Supermarket Wine Purchases, A Decade Later

at the Wine Rack

with Christopher Reckord

Thursday, January 11, 2018

I was, a decade ago, given an assignment to check out wine sales in our supermarkets. My findings were published on January 10, 2008. Some 500 articles later we are still sniffing, sipping and savouring wines and sharing what's good out there.

What Has Changed?

I retraced my steps and perused the shelves of some of those same establishments that I visited 10 years ago to see what has changed. Firstly, here are my 2008 findings:

How Consumers Buy Wine

What I said in 2008: “For consumers, the wealth of choices available today in a given class of wine can make the buying process downright intimidating. The majority of the wine-buying public does not know a great deal about the subject: who do they turn to for advice? Some come with a list or piece of paper with the name of a wine scribbled on it, some make a phone call to their friends, some ask the storeowner, others mill around taking up a bottle here and there to check the label or look for the price, and the rest buy the same thing every time, sticking with the evils they know.”

My Thoughts A Decade Later...

Nothing much has changed in the “off-trade”, ie supermarkets, but wine consumption in general has increased tremendously since 2008.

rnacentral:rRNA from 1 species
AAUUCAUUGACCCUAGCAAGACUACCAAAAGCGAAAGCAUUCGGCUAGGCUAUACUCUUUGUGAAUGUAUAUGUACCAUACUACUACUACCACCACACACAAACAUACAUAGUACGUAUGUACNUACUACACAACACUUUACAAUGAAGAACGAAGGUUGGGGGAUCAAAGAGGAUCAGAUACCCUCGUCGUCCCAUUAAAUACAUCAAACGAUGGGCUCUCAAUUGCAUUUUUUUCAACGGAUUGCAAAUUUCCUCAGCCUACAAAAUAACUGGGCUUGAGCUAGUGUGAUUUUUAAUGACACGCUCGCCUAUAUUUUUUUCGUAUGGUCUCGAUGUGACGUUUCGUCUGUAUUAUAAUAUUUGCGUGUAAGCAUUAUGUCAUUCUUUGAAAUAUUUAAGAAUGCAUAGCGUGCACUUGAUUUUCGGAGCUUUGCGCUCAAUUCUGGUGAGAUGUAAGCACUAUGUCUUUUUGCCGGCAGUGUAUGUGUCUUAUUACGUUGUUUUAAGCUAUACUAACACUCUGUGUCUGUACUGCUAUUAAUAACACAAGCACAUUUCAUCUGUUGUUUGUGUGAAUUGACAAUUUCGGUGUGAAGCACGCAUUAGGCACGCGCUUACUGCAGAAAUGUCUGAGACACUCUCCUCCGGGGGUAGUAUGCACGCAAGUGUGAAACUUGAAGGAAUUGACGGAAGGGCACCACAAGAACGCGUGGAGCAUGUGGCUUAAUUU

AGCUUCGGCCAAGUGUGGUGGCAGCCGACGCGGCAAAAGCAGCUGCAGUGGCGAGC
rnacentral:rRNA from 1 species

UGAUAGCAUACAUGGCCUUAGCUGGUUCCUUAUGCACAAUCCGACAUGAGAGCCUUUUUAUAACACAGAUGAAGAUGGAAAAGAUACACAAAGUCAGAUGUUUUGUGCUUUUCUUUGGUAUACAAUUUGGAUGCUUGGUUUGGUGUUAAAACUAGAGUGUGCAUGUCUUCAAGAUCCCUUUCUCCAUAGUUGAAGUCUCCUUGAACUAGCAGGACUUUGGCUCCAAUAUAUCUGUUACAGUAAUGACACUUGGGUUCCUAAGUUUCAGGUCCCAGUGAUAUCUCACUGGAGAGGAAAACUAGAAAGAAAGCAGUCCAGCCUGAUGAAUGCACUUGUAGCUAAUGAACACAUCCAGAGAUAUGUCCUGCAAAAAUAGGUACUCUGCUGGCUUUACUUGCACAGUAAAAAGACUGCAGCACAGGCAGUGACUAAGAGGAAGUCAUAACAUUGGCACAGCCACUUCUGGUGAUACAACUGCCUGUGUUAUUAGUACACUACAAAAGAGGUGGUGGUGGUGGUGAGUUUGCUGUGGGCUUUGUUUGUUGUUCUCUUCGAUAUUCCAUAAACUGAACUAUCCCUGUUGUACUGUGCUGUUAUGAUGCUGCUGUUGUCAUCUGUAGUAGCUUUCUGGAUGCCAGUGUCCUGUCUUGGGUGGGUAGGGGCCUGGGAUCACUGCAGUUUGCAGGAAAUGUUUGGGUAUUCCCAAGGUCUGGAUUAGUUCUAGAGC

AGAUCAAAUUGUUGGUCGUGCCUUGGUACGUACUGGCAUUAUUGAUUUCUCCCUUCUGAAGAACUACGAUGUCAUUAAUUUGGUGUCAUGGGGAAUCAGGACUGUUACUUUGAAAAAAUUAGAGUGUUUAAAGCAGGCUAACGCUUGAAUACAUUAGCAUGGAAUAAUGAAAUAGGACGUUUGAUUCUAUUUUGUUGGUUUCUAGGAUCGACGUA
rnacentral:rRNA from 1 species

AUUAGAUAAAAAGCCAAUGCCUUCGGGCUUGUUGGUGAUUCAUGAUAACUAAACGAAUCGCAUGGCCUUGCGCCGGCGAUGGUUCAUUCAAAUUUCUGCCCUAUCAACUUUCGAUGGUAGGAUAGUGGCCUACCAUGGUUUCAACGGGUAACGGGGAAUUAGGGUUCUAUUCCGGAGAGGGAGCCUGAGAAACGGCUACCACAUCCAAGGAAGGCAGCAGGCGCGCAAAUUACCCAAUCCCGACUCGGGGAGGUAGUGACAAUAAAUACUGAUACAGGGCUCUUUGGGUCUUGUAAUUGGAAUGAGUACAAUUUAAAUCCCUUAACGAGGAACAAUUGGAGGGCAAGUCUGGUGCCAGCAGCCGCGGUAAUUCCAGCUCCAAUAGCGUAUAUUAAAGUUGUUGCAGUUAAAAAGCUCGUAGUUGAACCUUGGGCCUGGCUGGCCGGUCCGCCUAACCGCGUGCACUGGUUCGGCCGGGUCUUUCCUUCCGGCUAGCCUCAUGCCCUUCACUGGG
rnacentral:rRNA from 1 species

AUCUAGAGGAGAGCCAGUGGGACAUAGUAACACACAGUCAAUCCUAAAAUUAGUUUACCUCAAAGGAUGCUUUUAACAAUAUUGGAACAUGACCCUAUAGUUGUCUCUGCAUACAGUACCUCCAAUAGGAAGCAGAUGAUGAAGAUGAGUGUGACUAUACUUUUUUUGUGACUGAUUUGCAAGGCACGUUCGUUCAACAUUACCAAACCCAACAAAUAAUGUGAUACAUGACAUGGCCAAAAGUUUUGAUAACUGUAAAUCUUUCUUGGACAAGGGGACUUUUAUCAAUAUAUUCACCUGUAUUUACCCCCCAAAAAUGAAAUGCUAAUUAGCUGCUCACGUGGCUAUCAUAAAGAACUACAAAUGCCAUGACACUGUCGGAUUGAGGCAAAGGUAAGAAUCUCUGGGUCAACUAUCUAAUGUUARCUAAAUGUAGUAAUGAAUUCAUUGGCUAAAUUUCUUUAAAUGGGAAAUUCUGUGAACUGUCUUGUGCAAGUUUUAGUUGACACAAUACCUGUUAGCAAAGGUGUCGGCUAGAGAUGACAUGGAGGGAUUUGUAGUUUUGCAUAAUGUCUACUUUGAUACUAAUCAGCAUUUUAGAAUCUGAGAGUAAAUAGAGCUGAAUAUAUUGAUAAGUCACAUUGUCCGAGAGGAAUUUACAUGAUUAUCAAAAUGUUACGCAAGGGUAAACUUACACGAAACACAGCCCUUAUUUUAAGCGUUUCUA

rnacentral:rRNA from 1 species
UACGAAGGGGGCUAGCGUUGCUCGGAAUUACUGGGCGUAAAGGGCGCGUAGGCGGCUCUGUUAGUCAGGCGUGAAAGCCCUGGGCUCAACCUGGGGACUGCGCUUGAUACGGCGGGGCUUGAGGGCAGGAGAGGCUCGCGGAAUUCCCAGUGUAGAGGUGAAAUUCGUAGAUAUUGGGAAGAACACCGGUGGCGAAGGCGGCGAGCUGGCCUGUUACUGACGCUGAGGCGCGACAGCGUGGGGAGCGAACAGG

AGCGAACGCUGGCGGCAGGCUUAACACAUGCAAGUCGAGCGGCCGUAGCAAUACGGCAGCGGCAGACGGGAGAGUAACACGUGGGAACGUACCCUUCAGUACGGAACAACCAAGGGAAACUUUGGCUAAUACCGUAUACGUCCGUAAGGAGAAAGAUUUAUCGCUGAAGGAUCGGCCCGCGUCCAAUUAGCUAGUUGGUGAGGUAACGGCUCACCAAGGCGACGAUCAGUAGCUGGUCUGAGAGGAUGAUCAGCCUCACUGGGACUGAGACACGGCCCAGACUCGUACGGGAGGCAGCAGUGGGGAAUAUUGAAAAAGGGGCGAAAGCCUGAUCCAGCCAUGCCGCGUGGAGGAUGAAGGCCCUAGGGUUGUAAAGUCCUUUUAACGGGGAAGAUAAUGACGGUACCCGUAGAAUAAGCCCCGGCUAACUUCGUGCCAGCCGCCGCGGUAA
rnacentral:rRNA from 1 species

My Thoughts in 2008

What is missing from the supermarkets' wine sections?

Signage and point of sale (POS) material. What do I mean by signage and POS material? Shelf-talkers (aka shelf- hangers/shelf tags), case cards, counter cards, bottle-neckers, fact sheets. Seventy per cent of all wine and spirits consumers' buying decisions are made in the store. That means without POS, you risk losing sales — seven out of every 10 times someone is considering one of your wines for purchase.

My Thoughts Today

There is improvement; some importers have increased their branding on the shelves and others have invested in strategically placing wine-savvy merchandisers in supermarkets.

Product Diversity

What I said in 2008: “Something I also noticed was that it seems that all the supermarkets sold almost the same products; it appears that about four importers dominate the retail shelf space.”

What I say today: With about 12 wine importers there are definitely many more wines available than 10 years ago, with five or six more present on the supermarket shelves today. Loshusan Supermarket seems to be the only organisation that has made an investment in importing its own brands.

Shelf Time

What I said in 2008: “Another important concern is shelf time: how long will they allow this product to remain on the shelf? The thinking is that for the bottles that stand up in the display, after four to seven months the cork begins to dry out, allowing air in, which oxidises the wine, ultimately spoiling the product.”

My thoughts today: There is some change. I do believe that some importers are doing better than others with removing older vintages from the shelves.

In general, whilst there's a wider selection of wines on supermarket shelves, not a lot has changed with how they are being sold. The on-trade, ie restaurants and wine bars, is where the major shift has happened.

Christopher Reckord - Information Technology Entrepreneur & Wine Enthusiast. Send your questions and comments to You can also follow me on Facebook, Instagram @chrisreckord and on Twitter: @Reckord




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